29 Very high flood hazard level, 1% probability (100-year return period) - High flood hazard level, 0,5%
30 probability (200-year return period) - Moderate flood hazard level, 0,2% probability (500-year
31 return period) - Low flood hazard level, <0,2% probability (> 500-year return period) - Very low flood

6
1 hazard level. The final map of flood hazard was created using the combination of seven (7) individual
2 thematic maps directly related to flooding. The thematic maps were related to: the Flow
3 accumulation (F), b) the Land use (L), c) the altitude (A), b) the Slope (S), e) the soil Erodibility (E), f)
4 the Rainfall intensity (R), and g) the available water Capacity (C).
5 The factors (F), (A), (S), (E), (R), and (C) have numerical values, while the (L) factor is
6 expressed in a descriptive form. The effect of each factor to flood hazard level is mapped based on
7 five different (HL) from very high to very low. For the factors with numerical values the Jenk’s
8 Natural Breaks method was used to indicate the five different flood hazard levels. For the (L) factor
9 the classification depends on the influence of the land use on the flood process. For instance, forest
10 areas with high density land cover indicate a very low flood hazard level, whereas burnt forest areas
11 indicate areas a very high flood hazard level (Martin-Vide et al., 1999). The above mentioned factors
12 as well as the (HL) are shown in Table 1 and they were selected based on literature review and
13 quantification of experts’ opinions such as hydrogeologists, hydro-agronomists, and
14 environmentalist (Eimers et al., 2000; Chenini et al., 2010; Yahaya et al., 2010; Kourgialas and
15 Karatzas, 2011; Kazakis et al., 2015).
16 Each of the aforementioned maps/factors were georeferenced to the EGSA’87 (Greek
17 Coordinate System - EPSG Projection 2100). The produced raster maps have a geometric resolution
18 equal to 20m. Field measurements and GIS techniques were used to determine and digitalize the
19 above seven maps/factors. Specifically, in order to create the Digital Elevation Model (DEM) for
20 Greece topographic maps (1:50 000 and 1:5000) were used. Using DEM, the slope map (degree) was
21 produced applying the 3D Analyst tool in a GIS environment. Generally, slope and altitude are
22 inversely proportional to the appearance of flood events (Kourgialas and Karatzas, 2016), (Table 1).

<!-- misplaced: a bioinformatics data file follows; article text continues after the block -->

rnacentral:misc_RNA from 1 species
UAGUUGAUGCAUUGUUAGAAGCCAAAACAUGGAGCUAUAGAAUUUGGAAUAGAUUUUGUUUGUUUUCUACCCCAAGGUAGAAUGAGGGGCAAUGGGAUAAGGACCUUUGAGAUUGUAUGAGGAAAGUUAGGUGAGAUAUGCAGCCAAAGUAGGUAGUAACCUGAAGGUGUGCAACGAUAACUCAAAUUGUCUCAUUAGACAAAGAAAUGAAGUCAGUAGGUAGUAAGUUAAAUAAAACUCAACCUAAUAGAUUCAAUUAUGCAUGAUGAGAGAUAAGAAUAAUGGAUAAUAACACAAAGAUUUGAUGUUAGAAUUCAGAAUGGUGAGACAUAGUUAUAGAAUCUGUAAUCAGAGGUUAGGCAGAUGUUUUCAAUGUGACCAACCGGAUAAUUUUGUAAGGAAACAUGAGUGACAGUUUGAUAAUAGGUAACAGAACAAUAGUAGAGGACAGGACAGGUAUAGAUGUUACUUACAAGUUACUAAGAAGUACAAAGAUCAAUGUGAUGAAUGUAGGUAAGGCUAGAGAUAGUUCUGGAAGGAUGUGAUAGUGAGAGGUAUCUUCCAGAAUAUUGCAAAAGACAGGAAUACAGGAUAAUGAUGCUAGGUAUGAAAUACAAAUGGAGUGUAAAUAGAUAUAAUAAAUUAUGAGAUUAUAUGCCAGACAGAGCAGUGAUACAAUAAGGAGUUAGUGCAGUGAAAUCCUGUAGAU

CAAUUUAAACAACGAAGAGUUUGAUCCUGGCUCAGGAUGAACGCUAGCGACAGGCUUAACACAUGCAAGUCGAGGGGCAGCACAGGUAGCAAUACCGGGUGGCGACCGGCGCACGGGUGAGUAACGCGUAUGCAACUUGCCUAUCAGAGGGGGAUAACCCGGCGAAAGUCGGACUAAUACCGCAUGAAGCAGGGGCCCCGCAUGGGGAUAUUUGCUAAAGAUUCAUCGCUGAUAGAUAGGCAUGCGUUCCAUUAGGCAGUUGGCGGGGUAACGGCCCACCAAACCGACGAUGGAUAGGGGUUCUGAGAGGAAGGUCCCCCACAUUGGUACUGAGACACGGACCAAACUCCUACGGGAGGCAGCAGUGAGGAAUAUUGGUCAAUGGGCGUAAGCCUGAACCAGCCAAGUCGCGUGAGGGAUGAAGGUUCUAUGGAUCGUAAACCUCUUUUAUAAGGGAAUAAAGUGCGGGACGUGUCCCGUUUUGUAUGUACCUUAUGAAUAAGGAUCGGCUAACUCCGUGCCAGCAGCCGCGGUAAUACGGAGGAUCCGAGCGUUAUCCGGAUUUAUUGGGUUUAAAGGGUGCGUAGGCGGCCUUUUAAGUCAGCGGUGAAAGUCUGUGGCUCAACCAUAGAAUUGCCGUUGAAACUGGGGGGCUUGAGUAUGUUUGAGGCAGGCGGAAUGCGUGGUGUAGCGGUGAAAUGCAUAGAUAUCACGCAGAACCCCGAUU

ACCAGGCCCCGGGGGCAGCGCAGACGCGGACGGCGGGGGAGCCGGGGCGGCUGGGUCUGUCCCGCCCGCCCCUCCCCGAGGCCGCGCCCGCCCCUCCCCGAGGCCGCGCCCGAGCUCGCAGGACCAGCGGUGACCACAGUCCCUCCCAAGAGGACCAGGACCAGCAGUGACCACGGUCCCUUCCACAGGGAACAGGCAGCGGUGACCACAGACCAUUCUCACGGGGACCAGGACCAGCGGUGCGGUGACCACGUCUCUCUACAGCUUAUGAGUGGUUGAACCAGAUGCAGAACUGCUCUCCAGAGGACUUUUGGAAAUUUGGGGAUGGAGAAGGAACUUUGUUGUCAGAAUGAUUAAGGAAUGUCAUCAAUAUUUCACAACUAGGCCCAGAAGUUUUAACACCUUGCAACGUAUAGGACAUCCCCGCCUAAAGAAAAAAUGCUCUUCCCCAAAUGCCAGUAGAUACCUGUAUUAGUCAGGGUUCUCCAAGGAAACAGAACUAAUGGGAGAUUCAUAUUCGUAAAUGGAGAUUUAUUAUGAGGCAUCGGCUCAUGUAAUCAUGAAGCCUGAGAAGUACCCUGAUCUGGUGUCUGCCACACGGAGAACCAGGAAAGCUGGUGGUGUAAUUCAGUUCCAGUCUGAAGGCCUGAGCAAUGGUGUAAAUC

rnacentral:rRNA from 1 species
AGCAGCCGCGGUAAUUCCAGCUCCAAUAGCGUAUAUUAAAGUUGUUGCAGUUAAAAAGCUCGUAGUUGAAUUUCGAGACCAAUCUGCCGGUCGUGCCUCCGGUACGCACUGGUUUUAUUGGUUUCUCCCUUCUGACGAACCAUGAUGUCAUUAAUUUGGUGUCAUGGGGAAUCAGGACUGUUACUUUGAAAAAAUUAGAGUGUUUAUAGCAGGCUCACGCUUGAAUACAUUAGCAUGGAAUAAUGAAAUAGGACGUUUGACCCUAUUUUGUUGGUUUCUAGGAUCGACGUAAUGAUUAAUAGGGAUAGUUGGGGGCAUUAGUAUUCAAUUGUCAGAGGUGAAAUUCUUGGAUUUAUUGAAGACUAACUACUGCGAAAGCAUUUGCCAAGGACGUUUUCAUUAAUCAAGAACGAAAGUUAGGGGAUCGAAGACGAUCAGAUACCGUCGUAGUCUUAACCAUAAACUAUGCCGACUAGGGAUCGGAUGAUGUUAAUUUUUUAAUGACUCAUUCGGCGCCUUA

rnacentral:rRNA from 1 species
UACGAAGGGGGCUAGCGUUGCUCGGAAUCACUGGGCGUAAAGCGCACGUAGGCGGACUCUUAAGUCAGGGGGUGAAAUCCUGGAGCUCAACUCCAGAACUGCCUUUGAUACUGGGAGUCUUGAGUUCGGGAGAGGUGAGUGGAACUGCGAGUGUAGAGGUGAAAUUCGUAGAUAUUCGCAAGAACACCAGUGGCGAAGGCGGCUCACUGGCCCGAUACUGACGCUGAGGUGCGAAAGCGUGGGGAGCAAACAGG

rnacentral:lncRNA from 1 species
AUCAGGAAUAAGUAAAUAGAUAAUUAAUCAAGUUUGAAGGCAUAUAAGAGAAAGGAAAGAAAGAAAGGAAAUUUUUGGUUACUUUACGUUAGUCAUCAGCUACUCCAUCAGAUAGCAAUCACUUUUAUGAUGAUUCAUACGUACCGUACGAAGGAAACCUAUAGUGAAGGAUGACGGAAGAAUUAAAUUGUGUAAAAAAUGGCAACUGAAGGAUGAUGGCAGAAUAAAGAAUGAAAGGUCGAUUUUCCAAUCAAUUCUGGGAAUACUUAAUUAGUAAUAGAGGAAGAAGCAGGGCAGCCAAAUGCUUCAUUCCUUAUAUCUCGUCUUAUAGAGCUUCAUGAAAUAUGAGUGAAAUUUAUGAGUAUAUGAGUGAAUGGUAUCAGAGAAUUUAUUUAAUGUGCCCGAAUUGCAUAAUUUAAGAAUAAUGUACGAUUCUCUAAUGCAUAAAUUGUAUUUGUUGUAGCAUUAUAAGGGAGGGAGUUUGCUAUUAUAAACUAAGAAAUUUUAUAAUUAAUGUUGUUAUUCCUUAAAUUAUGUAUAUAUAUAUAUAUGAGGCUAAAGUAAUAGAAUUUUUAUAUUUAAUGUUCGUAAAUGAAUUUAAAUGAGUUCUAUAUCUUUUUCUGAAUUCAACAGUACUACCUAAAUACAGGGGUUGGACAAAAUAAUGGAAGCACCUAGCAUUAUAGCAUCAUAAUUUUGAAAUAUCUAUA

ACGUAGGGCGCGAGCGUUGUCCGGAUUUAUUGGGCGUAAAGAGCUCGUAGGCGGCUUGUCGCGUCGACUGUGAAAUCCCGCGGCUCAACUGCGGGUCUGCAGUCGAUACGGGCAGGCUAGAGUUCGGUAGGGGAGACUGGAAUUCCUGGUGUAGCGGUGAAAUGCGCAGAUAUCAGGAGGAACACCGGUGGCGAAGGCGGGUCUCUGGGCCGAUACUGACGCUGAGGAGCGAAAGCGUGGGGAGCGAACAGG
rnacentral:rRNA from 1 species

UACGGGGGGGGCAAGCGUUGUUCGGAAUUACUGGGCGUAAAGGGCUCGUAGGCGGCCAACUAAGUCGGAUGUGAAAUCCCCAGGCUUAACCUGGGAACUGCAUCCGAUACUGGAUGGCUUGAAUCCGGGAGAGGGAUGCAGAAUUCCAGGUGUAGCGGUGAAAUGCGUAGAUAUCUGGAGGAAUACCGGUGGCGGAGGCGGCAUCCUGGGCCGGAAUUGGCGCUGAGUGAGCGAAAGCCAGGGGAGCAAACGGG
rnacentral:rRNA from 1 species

23 Also, the Arc Hydro - flow accumulation algorithm was used for the creation of the flow
24 accumulation map (ESRI, 2008). Flow accumulation map specifies the number of pixel-cells that
25 hydrologically add to each raster cell. In this map, the lower the accumulation of runoff in a pixel-
26 cell the lower the flood hazard (Table 1). The original data related to the soil water capacity and soil
27 erodibility of Greece were obtained from the European Soil Bureau Network
28 (http://eusoils.jrc.ec.europa.eu/wrb/). Soil erodibility is a crucial factor that affects the flooding
29 flow hydrographs as well as the consequent damages. Specifically, soil erodibility is an average
30 annual value of the soil profile reaction to the processes of soil disconnection and transport by
31 surface flow and raindrop (Panagos et al., 2012; Kourgialas et al., 2016). Decomposition rate
32 depends on soil consistency; the less coherent the soil the more easily it can be carried away by the
7
1 surface flow which transfers significant amounts of sediment load leading to siltation of water ways.
2 The large sediment yield is a common characteristic of flash floods causing extensive destructions
3 (Jinren and Yingkui, 2003). Moreover, the higher the soil erodibility is, the larger the peak outflow
4 rate is (Chang and Zhang, 2010). Based on the above, soil erodibility is strongly related to the flood
5 hazard and areas with increased values are more prone to flooding. Soil water capacity is associated
6 directly with the ability of soil to absorb water that controls the amount of surface runoff. Thus,
7 high values of soil water capacity can reduce the flood hazard, while soil water capacity values close
8 to zero can lead to an increased surface runoff and a greater flood hazard (Cazemier et al., 2001),
9 (Table 1).
10 In order to create the land use map of Greece remote sensing methods (satellite images)
11 and the Corine land cover database (European Environmental Agency - EEA,
12 http://www.eea.europa.eu) were used. The land use factor is associated with the vegetation cover
13 that controls both the amount of precipitation and the time that it takes to reach the soil surface
14 contributing to surface runoff. Thus, dense vegetation cover with deep and extent root zones can
15 reduce flood and water erosion hazard, while areas without vegetation can lead to an increased
16 surface runoff and have a greater hazard of flooding (Posthumus et al., 2008), (Table 1). For the
17 Rainfall intensity (R) factor monthly rainfall values from 407 rainfall stations were used for the time
18 period 1960-2014, (www.meteorologia.gr). The spatial distribution of these stations is shown in
19 Figure 1c. Based on these data, the Modified Fournier Index was employed to create the map of the